Before I get into telling you all the story behind this precious little baby’s birth story, I want you to know that this post is unlike all the other birth stories. I will be sharing tips and helpful things I have learned throughout the years of documenting births. Tips that will help anyone that is a bit afraid of the thought of being responsible for capturing the happiest day for the parents that are anxiously awaiting their tiny one. I was once afraid and nervous, just as I imagine you are, and this session was actually the one I truly feel I transitioned from being somewhat lost in the birthing world to figuring out just what I had to do in every scenario. This was the third birth session I had the privilege of attending and a very high-stress one at that because it was my first un-medicated birth. ( My first birth session and the second ) These parents were welcoming their first child and she was already past her due date, if I can recall correctly by almost two weeks. The room was dark and quiet and we all just watched in awe as Kelly labored contraction after contraction. Calmly and in complete control. She didn’t make it look easy, but definitely worth it.
When it was time to meet the little lady there was no waiting around for the doctor to arrive. The nurses delivered baby Ella as the doctor was walking through the door if you take notice in the images below. Kelly had Ella in her arms by the time she was able to get to her. Proof that labor and delivery nurses rock births just as much as a doctor would at times. Watching Kelly hold her baby in her arms after it all made it sink in for me a bit more… that one day if ever I was a mom, no amount of pain would beat the feeling of holding your precious child. (If only I knew back then how true that thought was.) This is Ella Sue’s birth story (her parents are big LSU fans… I wonder if she will grow up to be one as well!).
By no means do I feel that from a photography standpoint this is the best session to use as an example as what should be done in a birth. I am using it for the complete opposite reason. I learned so much from this birth back in 2009 and I hope that these tips will help you too.
- Leave fear outside of the room when walking into a birth. Moms can feel tension in the room and you don’t want to be the nervous photographer meddling with your camera unsure of what setting to set the lighting for or how to use your equipment. They can sniff your insecurities so make sure you have practiced at least in all scenarios (indoor lighting, natural light, low-light) before and are comfortable with your camera.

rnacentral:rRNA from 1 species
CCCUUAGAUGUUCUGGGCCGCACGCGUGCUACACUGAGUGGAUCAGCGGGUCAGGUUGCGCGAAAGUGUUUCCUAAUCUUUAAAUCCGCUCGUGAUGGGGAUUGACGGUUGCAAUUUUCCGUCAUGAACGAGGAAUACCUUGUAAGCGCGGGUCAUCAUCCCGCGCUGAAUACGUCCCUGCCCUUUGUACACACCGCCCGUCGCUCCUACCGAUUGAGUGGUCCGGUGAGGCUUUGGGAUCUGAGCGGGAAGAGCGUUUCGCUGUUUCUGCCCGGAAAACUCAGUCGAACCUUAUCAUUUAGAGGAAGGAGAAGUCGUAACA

- In the event the laboring mom wants absolute darkness ( like this mom in particular ) the pictures will not have the same feel as if she was okay with either having lights on or the window blinds open. Discuss this with her prior to the birth to give her the option of integrating artificial light, such as flash, if she doesn’t mind or keep some kind of mood lighting around so that you are not shooting in complete darkness. With time I have come to prefer shooting without the flash ( sample low light session here and here ) but I am not opposed to bringing it along just in case or for unforeseen circumstances.
- For those moms that would like to labor in a low-light setting, try asking them if it would be okay to increase the lighting in the room once the baby is born. Better light equals more detail, not necessarily a better picture. So if she doesn’t oblige don’t feel as if it won’t be worth your time.
- Shoot with lenses that are specifically and technically able to work in low-lighting situations. My favorite lens for this kind of thing would either be the 35mm or 85mm for detail shots.
- Make friends with the nurses. They will either make or break your experience if you are in a hospital setting. You may need their okay to stand right next to your mom instead of away from the bed or in an angle that is less than ideal. They will also be in your photographs, so having their consent is very important.
- Know the hospital’s policy regarding photography and videography.
- Speak to the mom prior to the birth about what she feels is acceptable and comfortable regarding nudity, exposure and moments throughout the birth. There are moms that wouldn’t want you to be documenting perhaps while they are pushing. Other moms will be all for it with the response, “My child needs to know how hard I worked to have her.” Every mom is different.
- Every birth is different. Remember that. One birth may last two hours and the next 2 days. Predicting birth is something I leave to the nurses and even they get it wrong at times.
- Bring snacks for yourself since you will want to be near the parents at all times instead of having to drive off for a meal or two. Don’t eat in front of the laboring mom since it’s not polite. I have heard wives chew out their husbands because they flaunt food in front of them. NOT cool.
- Try to be as close to a fly in the wall as possible. Take your shot and settle. From personal experience, I hated watching people constantly move around me while I was in pain. I wanted the world to stand still and hush while those contractions kicked in and I know that’s exactly what all the other moms are thinking.
- Take pictures of the other family members as well since it’s a special day for them as well. Moms get all the attention but dads are just as excited to meet their baby!
- After a birth, you will feel a high. Enjoy it. Let it consume your day and tell the world you witnessed a tiny miracle. Because child birth is truly that, a miracle.